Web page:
Paul Jacob

I am still not very confident about what really happened regarding the shooting of Mr. Brown on the streets of Ferguson, Missouri.

For all I know, the events went down somewhat along the lines as the police say. But Ferguson’s police department has been so incompetent about investigating, collating and releasing information that might make their public stance easier, one has to wonder about everything they say.

How the police handled the protests and journalists — and looters — was even worse.

Indeed, cracking down on peaceful protests, harassing and locking up journalists, while letting looters run wild, shows a remarkable set of skewed priorities.

Could it be that police lack incentives to do the jobs that most need doing?

Some temptations must be resisted. We all know that. For example, it would be easy to get caught debating the subject of race, since it is obvious that black and white populations inside Ferguson (as well as outside the suburb) react so differently to the basic Ferguson story. But, though the proverbial “frank and honest discussion about race” might be good to have (if almost impossible to conduct, given the touchiness of the subject), what America really needs is a frank and honest discussion about incompetence.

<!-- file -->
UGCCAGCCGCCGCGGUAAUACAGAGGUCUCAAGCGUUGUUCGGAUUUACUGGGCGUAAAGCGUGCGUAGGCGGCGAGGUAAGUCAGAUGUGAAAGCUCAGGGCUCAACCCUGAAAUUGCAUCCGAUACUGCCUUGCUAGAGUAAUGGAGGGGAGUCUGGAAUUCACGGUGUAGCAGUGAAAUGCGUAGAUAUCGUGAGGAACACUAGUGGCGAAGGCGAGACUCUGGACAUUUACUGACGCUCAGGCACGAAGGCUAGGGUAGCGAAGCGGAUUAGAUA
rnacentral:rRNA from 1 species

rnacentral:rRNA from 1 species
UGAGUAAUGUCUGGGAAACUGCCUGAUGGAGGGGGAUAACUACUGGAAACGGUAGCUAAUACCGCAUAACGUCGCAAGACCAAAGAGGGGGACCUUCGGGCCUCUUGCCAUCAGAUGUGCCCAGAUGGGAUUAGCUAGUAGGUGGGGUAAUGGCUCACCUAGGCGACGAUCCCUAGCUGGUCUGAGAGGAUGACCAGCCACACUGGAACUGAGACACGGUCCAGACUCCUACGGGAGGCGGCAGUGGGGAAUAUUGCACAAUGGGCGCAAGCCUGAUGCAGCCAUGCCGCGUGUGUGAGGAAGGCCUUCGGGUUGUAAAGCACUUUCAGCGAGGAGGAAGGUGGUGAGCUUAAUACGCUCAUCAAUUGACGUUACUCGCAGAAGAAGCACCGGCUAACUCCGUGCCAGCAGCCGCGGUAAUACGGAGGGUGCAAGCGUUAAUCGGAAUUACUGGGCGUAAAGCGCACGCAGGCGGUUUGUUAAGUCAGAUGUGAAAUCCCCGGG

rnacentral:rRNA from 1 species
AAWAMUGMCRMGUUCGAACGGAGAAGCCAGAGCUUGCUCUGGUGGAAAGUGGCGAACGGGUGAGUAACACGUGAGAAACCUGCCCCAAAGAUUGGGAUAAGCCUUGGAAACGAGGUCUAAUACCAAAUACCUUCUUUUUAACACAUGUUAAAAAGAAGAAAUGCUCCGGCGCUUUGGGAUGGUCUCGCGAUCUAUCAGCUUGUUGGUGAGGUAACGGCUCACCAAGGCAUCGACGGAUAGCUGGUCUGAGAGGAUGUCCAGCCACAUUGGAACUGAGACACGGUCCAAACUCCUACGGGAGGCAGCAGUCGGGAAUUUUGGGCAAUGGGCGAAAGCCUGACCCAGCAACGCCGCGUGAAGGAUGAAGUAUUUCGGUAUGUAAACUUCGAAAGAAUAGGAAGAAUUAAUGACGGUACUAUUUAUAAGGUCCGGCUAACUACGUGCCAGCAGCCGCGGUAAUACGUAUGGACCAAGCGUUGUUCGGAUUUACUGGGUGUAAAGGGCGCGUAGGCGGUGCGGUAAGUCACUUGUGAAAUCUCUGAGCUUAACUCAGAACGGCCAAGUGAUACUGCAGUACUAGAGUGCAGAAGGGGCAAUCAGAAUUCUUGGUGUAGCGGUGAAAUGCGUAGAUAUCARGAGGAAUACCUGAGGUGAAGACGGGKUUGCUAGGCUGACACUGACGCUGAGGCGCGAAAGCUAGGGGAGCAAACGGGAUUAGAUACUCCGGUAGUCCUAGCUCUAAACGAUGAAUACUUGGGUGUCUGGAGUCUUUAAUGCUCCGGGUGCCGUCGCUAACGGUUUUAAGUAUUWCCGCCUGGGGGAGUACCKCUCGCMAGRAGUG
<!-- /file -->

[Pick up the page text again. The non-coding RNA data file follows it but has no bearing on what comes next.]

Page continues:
Government incompetence.

We are all aware of government inefficiency, at some level. But how widespread it usually is too often gets missed.

Some of this blindness is the result of partisan commitments.

Conservatives tend to like their local governments (at least the police force); liberals tend to cheerlead for the federal government (at least when Republicans aren’t in charge).

Bill O’Reilly, Fox News’s most popular social conservative TV journalist and commentator, flew into a rage this week over the calumnies that he felt were being directed towards the “police community.” Meanwhile, President Obama sent Attorney General Eric Holder to save the day, though there was scant reason for federal action. It appears the typical left-approved “solution”: make it a federal case, since the federal government is good, local government, bad.

Sending in the feds, of course, was premature. And pointless. No local investigatory malfeasance had emerged. The local review processes had barely begun. Even assuming Holder to be competent on this issue (I see no evidence that he is; his mind seems made up in advance of his investigation), there is simply no call for his presence. Except from “the left.”

Paul Jacob

Paul Jacob is President of Citizens in Charge Foundation and Citizens in Charge. His daily Common Sense commentary appears on the Web and via e-mail.